It is important to resize images to best fit the needs of a particular web page. When an image is larger than necessary, this results in users wasting time and bandwidth (which they may have to pay for on mobile devices) to download image content that they will never actually see.
These days, photographs straight from a digital camera may be over 4000 pixels wide, which is much too wide for a web page. Even if you are creating a photo gallery, most desktop monitors can only display around 2000 pixels in width. So, you need to reduce the size of these images before uploading them to your website.
Image Resizing Guidelines
If you try to make a small image larger, it will simply become fuzzy (AKA pixelated), and the larger you make it, the fuzzier it will become. However, you can easily make a large image smaller when needed.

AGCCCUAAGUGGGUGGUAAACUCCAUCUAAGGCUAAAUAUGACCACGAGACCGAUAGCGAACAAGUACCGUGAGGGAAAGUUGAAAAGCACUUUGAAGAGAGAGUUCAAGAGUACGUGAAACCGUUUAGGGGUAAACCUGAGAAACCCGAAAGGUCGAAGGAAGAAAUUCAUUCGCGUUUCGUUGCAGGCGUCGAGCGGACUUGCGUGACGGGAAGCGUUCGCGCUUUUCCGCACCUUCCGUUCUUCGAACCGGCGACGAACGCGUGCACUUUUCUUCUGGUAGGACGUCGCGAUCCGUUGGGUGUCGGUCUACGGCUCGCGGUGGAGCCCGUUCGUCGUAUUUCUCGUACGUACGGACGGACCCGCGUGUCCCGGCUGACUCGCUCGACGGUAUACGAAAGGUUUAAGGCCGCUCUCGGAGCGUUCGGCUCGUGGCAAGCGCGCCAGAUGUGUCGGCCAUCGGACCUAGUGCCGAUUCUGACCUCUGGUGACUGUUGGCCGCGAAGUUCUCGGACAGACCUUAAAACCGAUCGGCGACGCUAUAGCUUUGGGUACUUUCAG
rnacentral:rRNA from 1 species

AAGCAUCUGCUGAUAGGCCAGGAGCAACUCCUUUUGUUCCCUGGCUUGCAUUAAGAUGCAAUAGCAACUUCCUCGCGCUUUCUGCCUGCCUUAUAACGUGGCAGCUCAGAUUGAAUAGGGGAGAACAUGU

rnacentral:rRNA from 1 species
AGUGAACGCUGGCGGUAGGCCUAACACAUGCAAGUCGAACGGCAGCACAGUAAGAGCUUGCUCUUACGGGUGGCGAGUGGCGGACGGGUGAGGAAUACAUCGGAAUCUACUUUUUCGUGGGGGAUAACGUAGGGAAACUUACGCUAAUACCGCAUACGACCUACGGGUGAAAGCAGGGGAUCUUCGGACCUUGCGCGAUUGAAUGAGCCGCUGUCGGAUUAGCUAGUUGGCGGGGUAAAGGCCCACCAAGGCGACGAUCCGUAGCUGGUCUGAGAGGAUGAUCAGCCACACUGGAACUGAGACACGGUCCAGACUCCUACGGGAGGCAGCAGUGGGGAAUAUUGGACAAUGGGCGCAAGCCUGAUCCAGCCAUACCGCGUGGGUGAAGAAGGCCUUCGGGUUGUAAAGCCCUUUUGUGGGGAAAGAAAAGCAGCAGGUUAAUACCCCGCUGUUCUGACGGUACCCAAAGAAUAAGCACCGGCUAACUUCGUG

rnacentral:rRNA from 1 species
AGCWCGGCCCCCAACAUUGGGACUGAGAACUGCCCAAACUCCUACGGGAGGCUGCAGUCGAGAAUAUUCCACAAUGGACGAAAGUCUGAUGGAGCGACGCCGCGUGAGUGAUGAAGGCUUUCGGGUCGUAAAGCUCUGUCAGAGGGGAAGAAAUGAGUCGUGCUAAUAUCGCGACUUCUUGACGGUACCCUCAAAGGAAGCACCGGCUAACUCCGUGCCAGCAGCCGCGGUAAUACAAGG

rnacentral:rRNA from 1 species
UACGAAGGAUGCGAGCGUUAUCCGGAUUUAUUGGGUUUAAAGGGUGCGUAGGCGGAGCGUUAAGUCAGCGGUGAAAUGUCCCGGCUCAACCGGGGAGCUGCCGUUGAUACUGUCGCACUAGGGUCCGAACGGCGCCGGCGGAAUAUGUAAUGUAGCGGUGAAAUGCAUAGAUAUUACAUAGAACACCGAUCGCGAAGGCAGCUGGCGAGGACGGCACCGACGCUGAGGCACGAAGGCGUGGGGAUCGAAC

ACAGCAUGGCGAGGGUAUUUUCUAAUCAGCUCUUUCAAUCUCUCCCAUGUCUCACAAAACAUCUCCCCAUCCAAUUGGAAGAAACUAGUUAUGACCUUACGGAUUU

For basic website pages, 400 pixels wide images are a good best-practice. For mobile compatibility, choose a width for your image that is less than 400 pixels.
If uploading large images for the press to use, your resolution should not be higher than 300ppi (pixels per inch) and the image should not be more than 3,000 pixels on it's longest side. If these images are not for the press, but are used as full-page-width decorations, you should make them even smaller.
If you are uploading an image for a headline / hero image (an image at the top of a main landing page that fills the page left to right), resize your image to no more than 1440 pixels wide.
When making an image smaller, don't sacrifice the quality of the image. Instead, simply change the pixel length/width of the image.
- Also, be sure to check "Scale proportionally" or "Maintain aspect ratio", so that your picture does not get skewed to where people have extra-wide heads that look strange.
How to Resize Images
Of course, you can use any graphic image editing program that you are comfortable with, such as Adobe PhotoShop, GIMP, etc. If you are not sure how to resize images in one of these editors, just do a search in your favorite search engine on the editor's name and the phrase "resize image".